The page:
ABU DHABI, UAE – Meetings, Incentives, Conference and Exhibitions (MICE) tourism is becoming an increasingly important and significant sector as Abu Dhabi strives to diversify its economy.
Abu Dhabi has lined up a large number of exhibitions and conferences this month that will boost hotel occupancy.
The three-day World Green Tourism 2011 the only event in the region dedicated to the promotion of sustainable tourism, will be held from today until December 7.
The summit aims to address the significance of better access to environmental and societal data for informed decision-makers, a statement said.
Meanwhile, former US President Bill Clinton will deliver a keynote address at the Eye on Earth Abu Dhabi 2011 Summit to be held at the Abu Dhabi National Exhibition Centre (Adnec).
“In 2010, at the heart of one of the world’s most rapidly advancing regions, with easy access from key European, Asia Pacific, African and North American business centres, Abu Dhabi is a world-class travel, leisure and business tourism destination,” the statement said.
Mike Henderson, CFO of Adnec group, said the MICE sector “is actually quite critical to the economy of Abu Dhabi, particularly in regard to the government’s goal to diversify itself away from reliance on the oil and gas sector.”
Henderson pointed out that there’s still considerable room to grow the MICE sector based on the variety of events that are held in the emirate.
Shehrazade Chamlou, manager of Abu Dhabi BOX Events, told Gulf News that business tourism, particularly MICE, is the key to the emirate’s long term economic, social and infrastructure development goals.
In 2010, 72 per cent of visitors to Abu Dhabi were businessmen, 10 per cent of whom were MICE visitors, said Chamlou.
“We witnessed this year an increase in reservations due to the great number of events which were held in many places in Abu Dhabi, including Adnec, the Emirates Palace, Rotana Beach Hotel and many others,” said Chamlou.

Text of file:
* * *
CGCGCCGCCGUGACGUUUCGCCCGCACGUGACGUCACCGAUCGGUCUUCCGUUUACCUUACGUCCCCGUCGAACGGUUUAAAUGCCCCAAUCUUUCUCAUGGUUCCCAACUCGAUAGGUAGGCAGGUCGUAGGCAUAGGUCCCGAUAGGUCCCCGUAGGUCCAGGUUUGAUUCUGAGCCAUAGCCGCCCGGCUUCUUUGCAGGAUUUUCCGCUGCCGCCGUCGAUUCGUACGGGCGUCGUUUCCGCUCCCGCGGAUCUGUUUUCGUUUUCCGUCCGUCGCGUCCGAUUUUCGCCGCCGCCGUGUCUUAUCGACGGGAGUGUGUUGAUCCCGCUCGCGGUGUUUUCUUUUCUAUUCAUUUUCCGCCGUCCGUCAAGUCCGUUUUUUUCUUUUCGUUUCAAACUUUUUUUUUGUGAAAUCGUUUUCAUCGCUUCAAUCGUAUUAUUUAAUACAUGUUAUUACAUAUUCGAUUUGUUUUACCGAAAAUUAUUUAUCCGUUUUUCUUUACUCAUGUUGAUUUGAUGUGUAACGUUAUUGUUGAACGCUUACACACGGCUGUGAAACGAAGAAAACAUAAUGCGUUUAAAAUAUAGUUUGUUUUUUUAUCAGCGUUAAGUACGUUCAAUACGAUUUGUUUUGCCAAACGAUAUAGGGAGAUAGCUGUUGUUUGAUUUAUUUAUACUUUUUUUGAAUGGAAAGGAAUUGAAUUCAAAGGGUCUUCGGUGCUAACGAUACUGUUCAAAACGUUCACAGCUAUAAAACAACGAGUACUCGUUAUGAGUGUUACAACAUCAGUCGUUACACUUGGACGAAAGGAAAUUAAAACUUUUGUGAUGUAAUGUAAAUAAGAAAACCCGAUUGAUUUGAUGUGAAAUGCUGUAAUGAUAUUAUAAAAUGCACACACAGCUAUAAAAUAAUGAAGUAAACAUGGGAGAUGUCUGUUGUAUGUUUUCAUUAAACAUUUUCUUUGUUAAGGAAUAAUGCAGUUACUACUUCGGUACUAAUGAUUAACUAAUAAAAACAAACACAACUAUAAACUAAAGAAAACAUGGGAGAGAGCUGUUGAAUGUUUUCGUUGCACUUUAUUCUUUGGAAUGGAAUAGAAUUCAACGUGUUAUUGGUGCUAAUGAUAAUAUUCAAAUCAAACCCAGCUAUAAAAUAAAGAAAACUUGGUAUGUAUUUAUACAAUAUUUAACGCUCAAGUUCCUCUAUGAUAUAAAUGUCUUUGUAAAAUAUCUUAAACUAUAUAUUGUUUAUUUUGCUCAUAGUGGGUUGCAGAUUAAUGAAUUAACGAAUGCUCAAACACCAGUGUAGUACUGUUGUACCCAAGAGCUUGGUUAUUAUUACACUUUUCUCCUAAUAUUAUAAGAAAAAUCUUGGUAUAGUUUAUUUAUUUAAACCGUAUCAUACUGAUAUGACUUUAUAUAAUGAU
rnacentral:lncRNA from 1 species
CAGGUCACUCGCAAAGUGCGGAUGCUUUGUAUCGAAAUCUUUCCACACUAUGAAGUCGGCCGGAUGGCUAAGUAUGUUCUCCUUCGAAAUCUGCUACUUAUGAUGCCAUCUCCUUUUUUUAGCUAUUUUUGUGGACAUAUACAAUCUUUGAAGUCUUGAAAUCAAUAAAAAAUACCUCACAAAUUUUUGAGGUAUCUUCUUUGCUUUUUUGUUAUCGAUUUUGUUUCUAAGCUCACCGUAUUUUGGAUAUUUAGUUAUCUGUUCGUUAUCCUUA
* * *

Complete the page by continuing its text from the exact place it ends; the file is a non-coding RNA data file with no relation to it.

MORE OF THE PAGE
Peter Goddard, managing director, TRI Middle East, said that MICE is a representation of joint efforts between the government and the private sector to attract foreign businessmen to launch businesses.
“In 2010, the number of tourists to Abu Dhabi was approximately 1.3 million, 27 per cent of whom were on business trips, and in 2011 the figure until the end of October was more than 1.5 million and it is expected that the ratio of business related visitors will increase due to the rise in events in the capital,” said Goddard.
The Abu Dhabi Tourism Authority (ADTA) earlier expected that the number of business visitors would be 225,000 in 2011 compared with 215,000 last year.
The number of tourists reached two million by the end of October and tourism revenues increased to $111 million in the first 10 months, ADTA said earlier.
According to recent statistics by ADTA, visitor arrivals reached 182,553 in October, up 21 per cent year on year.
In the first 10 months of 2011, the city welcomed over a million and a half visitors, up 15 per cent from 2010.